Sansa’s listing of Baelish’s crimes includes callbacks to events that took place three, four, even seven seasons ago. Don’t remember exactly what she’s talking about? Here’s her rundown of just how much Littlefinger played everyone — till he played himself.
“You murdered our aunt, Lysa Arryn. You pushed her through the moon door and watched her fall.”
Sansa didn’t need Bran’s three eyes to know that one. She saw that fatal fall herself.
Lysa held Sansa terrifyingly close to the edge of the moon door as she accused her niece of making moves on her husband/object of her obsession Petyr — that is, until he showed up and talked her down. Littlefinger promised to send Sansa away from the Eyrie and reassured Lysa.
“My sweet, silly wife,” he tells Lysa. “I have only loved one woman — only one, my entire life.” And then he hits her with the worst breakup move of all time: “Your sister,” followed by a fatal, stunning push right through the moon door.
“You conspired to murder Jon Arryn. You gave Lysa ‘Tears of Lys’ to poison him.”
Although he was in love with Catelyn Stark, Littlefinger pretended to be all about Lysa so he could manipulate her to do his bidding. Back in Season 4, Lysa revealed how deep her love for Petyr went: She killed her husband — Jon Arryn, Hand of the King to Robert Baratheon — for the guy!
“What wife would do the things I’ve done for you? What wife would trust you the way I’ve trusted you?” Lysa helpfully reminds Petyr. “When you gave me those drops and told me to pour them into Jon’s wine. My husband’s wine.”
Jon Arryn’s death preceded the show’s premiere, prompting King Robert Baratheon to ask Ned Stark to serve as his new Hand. As Ned investigated Jon’s death, he came to believe the old Hand was offed for having discovered that Joffrey was not actually Robert’s son.
“You had Aunt Lysa send a letter to our parents telling them it was the Lannisters who murdered Jon Arryn, when really it was you. The conflict between the Starks and the Lannisters — it was you who started it.”
Not only did Littlefinger get Lysa to kill her own husband, but he got her to throw the blame on the Lannisters, thus amping up the Lannister-Stark feud by about a thousand. That handy confession also came from Lysa, who said to Littlefinger in Season 4, “you told me to write a letter to Cat, telling her it was the Lannisters” who had killed her husband, Hand of the King.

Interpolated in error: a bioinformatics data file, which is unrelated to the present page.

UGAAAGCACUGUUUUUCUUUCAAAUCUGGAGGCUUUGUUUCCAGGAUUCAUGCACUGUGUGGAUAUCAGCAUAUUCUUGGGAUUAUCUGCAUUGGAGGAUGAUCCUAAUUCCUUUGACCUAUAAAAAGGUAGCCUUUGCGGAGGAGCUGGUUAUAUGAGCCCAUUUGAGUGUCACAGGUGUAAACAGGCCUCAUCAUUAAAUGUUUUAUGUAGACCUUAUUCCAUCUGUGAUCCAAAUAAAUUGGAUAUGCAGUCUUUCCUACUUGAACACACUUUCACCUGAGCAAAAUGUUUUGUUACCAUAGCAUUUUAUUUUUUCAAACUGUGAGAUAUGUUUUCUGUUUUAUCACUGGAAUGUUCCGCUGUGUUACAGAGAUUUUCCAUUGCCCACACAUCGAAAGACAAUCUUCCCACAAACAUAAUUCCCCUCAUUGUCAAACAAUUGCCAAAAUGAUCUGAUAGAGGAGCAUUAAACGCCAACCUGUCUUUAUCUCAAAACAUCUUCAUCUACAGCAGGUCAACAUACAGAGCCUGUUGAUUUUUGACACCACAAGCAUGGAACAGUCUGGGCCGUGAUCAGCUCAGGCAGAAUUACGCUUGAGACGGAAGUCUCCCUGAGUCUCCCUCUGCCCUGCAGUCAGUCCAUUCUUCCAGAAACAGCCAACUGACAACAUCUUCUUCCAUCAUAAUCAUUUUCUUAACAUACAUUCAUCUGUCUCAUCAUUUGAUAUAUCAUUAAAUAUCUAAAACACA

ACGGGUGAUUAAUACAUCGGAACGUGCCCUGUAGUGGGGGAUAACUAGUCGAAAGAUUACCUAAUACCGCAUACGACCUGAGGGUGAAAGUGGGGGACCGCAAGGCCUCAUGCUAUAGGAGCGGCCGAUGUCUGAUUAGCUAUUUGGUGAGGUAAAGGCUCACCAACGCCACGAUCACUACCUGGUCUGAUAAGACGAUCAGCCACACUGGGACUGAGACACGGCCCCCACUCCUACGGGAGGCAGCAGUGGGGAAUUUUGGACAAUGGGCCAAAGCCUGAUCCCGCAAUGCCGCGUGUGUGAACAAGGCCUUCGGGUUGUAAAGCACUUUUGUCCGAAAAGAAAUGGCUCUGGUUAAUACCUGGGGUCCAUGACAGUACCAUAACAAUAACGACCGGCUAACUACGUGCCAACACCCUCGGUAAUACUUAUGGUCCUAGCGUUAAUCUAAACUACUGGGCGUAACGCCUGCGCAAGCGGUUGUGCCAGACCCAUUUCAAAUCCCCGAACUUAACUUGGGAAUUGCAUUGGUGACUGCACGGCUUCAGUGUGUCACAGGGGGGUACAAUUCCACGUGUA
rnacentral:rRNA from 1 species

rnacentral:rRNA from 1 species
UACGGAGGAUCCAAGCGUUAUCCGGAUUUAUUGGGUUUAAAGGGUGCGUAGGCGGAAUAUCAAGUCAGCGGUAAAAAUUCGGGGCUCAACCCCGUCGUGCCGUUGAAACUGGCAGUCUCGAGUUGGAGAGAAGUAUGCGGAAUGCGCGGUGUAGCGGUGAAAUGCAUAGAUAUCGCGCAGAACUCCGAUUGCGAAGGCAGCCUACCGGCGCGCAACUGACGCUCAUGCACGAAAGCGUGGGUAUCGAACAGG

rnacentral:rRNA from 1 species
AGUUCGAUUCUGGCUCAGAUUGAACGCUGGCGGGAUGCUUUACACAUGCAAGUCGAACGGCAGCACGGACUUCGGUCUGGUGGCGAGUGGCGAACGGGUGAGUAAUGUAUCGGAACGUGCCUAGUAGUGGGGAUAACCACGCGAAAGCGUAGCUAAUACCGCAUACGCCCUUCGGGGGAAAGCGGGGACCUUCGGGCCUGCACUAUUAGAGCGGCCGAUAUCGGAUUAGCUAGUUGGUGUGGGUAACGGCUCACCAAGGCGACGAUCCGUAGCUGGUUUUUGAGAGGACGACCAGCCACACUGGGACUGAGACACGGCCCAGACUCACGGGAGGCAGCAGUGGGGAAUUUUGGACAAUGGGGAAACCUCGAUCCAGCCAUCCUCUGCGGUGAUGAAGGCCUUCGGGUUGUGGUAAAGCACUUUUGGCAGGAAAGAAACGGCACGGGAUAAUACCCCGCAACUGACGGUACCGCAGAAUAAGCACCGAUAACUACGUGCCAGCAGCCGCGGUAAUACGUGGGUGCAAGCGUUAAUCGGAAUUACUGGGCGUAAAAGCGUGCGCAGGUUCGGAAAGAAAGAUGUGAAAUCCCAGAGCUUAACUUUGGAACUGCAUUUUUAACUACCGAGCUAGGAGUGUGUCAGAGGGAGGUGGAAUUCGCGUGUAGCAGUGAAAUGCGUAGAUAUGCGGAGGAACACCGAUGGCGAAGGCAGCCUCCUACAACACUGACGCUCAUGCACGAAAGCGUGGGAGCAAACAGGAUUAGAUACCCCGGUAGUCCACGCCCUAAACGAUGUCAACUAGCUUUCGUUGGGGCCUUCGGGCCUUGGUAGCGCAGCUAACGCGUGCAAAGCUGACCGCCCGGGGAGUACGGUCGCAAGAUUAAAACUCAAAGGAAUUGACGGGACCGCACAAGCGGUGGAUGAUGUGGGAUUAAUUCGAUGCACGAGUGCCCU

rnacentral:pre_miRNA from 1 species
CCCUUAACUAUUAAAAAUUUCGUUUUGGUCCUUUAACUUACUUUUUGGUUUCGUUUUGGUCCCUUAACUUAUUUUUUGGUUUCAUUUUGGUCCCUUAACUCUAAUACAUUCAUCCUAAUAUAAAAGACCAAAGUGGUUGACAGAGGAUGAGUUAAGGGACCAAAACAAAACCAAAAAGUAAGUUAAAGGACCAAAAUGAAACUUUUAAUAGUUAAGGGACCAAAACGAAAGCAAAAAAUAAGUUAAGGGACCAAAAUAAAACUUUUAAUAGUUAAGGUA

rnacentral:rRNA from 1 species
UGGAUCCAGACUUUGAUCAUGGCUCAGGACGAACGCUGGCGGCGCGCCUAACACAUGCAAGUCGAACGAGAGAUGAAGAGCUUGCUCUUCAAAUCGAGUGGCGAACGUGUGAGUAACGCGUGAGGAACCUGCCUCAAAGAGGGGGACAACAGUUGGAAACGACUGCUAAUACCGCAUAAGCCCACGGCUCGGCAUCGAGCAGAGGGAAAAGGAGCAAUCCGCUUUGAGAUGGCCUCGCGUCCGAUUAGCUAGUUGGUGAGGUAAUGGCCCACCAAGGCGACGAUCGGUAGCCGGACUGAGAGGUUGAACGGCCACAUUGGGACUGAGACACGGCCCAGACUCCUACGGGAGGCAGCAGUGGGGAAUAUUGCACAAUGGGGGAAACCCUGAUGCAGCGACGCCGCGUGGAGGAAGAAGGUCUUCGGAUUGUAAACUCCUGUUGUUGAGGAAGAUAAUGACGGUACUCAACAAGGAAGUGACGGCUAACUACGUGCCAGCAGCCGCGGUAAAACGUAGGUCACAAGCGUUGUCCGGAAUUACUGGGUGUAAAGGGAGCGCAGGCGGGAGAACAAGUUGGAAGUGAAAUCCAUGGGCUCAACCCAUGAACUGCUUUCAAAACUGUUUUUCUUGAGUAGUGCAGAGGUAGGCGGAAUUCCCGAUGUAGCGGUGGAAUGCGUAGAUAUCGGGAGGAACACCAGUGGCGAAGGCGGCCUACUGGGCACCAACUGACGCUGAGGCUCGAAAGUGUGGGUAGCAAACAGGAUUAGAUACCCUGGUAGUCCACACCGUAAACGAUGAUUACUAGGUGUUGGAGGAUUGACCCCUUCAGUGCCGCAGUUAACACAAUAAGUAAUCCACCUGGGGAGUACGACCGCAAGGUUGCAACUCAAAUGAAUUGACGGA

“You conspired with Cersei Lannister and Joffrey Baratheon to betray our father, Ned Stark. Thanks to your treachery, he was imprisoned and later executed on false charges of treason.”
Ned confronted Cersei with the truth — that Joffrey wasn’t Robert’s son — and he thought Littlefinger would back him up on not handing the throne to the boy, with the City Watch’s help. When Ned presents a letter from the freshly dead Robert Baratheon, declaring his rightful heir would need to come of age first, Cersei promptly rips it up.
Then Ned tries to have Cersei and Joffrey taken into custody — but the City Watch turn on the Stark men.
“You held a knife to his throat. You said, ‘I did warn you not to trust me.’ ”
Shout-out to Bran who finally used his all-knowing powers to provide Sansa with some incredibly specific details.
Back in Season 1, after the City Watch turn on Ned’s men in the Throne Room, Littlefinger holds a dagger to Ned’s throat and whispers those words.
“You told our mother this knife belonged to Tyrion Lannister. But that was another one of your lies. It was yours.”
Catelyn Stark came to King’s Landing on a fact-finding mission: Who tried to kill her son, Bran? The assassin had a dagger made of Valyrian steel. “There’s only one dagger like this in all the Seven Kingdoms” and was his until he lost it in a bet to Tyrion Lannister, Littlefinger tells Catelyn.
That accusation deepened the divisions between the Starks and Lannisters and also set off another chain of events: Cat, convinced that Tyrion ordered the assassination attempt on Bran, has Tyrion arrested, causing papa Tywin Lannister to send his forces to attack her home in the Riverlands. Tyrion secured his release via trial-by-combat, thanks to Bronn.